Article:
A Thin Line Between Influence and Cultural Appropriation

As scholars, we constantly have to walk the fine line between being influenced by other thinkers, other methodologies, and co-opting those for our own purposes. Having lived in and spent time in Latin America, I’ve keenly felt the tension between allowing things to influence my work, to make me a better theologian and ethicist, and simply taking them as my own. 

The first time I went to El Salvador, I came back shattered (and I mean that in a good sense, which I realize sounds odd). In trying to process through it all, I remember a good friend and member of my small group saying that I needed to do the work for myself, I couldn’t just embrace a place and a world that isn’t mine and lay claim to it, to (in my words) colonize it. At the time, I’m pretty sure I reacted somewhat flippantly to her words, but over the next few years, they formed the foundation of my personal reflection and my work.

Because spending time immersed in another culture, regardless of whether it is down the street from you or half a world away, does change you. Places and spaces and peoples have different operative theologies, different ethical systems, different customs, and different worldviews. When you encounter them, it’s impossible not to be changed: some people cling even more tightly to the things they know and love, some people reject from whence they come and grab onto the new, and others wrestle, day in and day out, with trying to figure out to live authentically, with disparate sets of experience, and to somehow still make meaning. Often, those things happen in combination and ebb and flow into each other. For me, that meant that I had to stop living in some imagined, utopian El Salvador that doesn’t exist (and I don’t mean utopian in the sense of not recognizing the many issues facing that society, I mean it in the sense of it being perfect for what I thought I was looking for at the time). I had to stop rejecting everything about being a privileged white college student and figure out what it meant to be a privileged white college student who knew that there was a world beyond my university, beyond my country.

As a graduate student, one of my mentors described this as “the grace in being pulled apart,” existing in a Twister game of life and having limbs in different places, pieces of my heart and my head here, there, and everywhere (where, sometimes, you’re not entirely sure how your left hand ended up on blue but you still can’t seem to move it without falling down).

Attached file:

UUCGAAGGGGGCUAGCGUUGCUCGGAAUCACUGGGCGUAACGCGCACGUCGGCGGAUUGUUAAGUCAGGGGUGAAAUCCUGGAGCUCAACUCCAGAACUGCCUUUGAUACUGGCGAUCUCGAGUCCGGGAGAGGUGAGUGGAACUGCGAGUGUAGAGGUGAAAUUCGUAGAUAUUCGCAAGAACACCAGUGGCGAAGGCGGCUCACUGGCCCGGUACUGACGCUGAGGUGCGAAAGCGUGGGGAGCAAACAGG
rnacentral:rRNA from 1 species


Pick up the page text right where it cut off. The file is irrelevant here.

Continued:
It’s not an easy thing and, quite frankly, it’s often painful and sometimes unbearable. How does anyone live authentically when their paradigm has been challenged, when their worldview has been confronted with its opposite, when the problem of other minds isn’t how it’s possible that they exist, but that they think and act and conclude differently? 

Watching the MTV Video Music Awards tonight, I was reminded again of this tension. I could write a lot about the things in the performance by Miley Cyrus and Robin Thicke that I found problematic (the perpetuation of rape culture and misogyny being just two of them), but mostly, I found myself really interested in the audience reaction. Reactions from the audience seemed to be of shock, horror, confusion, and anger (I’m sure there were others, but I can only comment on what MTV chose to air). People far more qualified than I am will weigh in on the cultural appropriation that occurred during Miley’s performance, and I am going to name it that, but it was an unexpected reminder that I still have a lot of work to do when it comes to walking that thin line between allowing myself to be influenced and shaped by people and places and spaces without stealing those things and claiming them as my own property.

Football and ethics: more compatible than you think

Finding the time to write during the academic year is somewhat difficult, given that if I’m writing, it should be for class or publication. But tonight, I came across an article that I wanted to share through this medium, too, as it relates directly to what I’m working on academically and it’s just good information for folks to know.

But, before reading that, a little background. My advisor, who is a wise man in all things related to the academy and surviving a doctoral program, advised us from the get-go that we should figure out what we want to write about in our dissertations, be able to explain it in a sentence (what is sometimes called the 30-second elevator pitch…if I can’t tell you what I’m writing about that quickly, I don’t have a well-defined thesis), and to tailor all of our papers, whenever possible, to that topic. It’s not always easy to do that (sometimes it is impossible, given the constraints of a class), but last quarter, I was able to find a way to write about soccer for my Ethical Perspectives on War and Peace class.

I ended up writing about Bayern Munich during the years leading up to WWII and the war years. See, in reading a gigantic history of the global game of soccer, I stumbled upon this quote:

“Almost alone in attempting to moderate or defy the law was Bayern München, the upstart team from the Bavarian capital who had just won their first national championship. Bayern was a secular institution, but counted many of Munich’s Jewish community among its board, players and supporters, including its president Kurt Landauer. Landauer was forced to step down by the authorities rather than the club in March 1933.” (William Goldblatt, The Ball is Round: A Global HIstory of Soccer, (New York, NY: Riverhead Books, 2006), 309